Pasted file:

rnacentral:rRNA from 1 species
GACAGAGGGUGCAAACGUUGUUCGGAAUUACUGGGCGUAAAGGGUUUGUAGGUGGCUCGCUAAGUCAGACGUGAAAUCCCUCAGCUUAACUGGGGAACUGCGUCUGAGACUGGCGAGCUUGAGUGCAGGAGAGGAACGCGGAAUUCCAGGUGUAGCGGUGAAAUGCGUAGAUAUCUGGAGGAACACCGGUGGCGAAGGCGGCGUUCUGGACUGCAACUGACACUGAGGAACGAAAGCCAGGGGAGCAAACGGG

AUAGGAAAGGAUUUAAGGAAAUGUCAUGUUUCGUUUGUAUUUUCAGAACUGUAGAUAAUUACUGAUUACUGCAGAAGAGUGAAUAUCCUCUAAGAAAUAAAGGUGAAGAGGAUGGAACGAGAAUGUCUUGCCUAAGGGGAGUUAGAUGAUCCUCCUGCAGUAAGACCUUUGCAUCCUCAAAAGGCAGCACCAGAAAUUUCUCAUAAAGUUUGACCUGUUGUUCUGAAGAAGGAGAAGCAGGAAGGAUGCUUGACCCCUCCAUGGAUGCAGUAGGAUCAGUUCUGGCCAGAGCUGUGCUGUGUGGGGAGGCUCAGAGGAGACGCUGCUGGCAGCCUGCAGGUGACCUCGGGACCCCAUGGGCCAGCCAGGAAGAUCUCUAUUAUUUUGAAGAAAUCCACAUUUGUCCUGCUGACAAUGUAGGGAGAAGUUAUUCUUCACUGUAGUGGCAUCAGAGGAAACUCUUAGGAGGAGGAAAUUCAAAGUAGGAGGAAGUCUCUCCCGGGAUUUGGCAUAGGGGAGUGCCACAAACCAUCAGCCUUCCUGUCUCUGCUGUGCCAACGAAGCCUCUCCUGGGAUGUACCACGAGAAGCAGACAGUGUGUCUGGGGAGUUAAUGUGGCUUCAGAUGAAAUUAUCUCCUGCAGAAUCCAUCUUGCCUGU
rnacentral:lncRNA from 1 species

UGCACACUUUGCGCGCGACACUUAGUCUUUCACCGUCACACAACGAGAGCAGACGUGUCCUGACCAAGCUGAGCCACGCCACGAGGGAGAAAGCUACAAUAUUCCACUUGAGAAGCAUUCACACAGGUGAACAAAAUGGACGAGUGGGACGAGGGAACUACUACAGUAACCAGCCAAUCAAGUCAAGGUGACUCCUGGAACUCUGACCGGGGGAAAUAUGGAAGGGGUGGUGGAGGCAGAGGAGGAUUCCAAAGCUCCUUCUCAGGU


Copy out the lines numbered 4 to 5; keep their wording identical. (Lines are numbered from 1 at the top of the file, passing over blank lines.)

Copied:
rnacentral:lncRNA from 1 species

UGCACACUUUGCGCGCGACACUUAGUCUUUCACCGUCACACAACGAGAGCAGACGUGUCCUGACCAAGCUGAGCCACGCCACGAGGGAGAAAGCUACAAUAUUCCACUUGAGAAGCAUUCACACAGGUGAACAAAAUGGACGAGUGGGACGAGGGAACUACUACAGUAACCAGCCAAUCAAGUCAAGGUGACUCCUGGAACUCUGACCGGGGGAAAUAUGGAAGGGGUGGUGGAGGCAGAGGAGGAUUCCAAAGCUCCUUCUCAGGU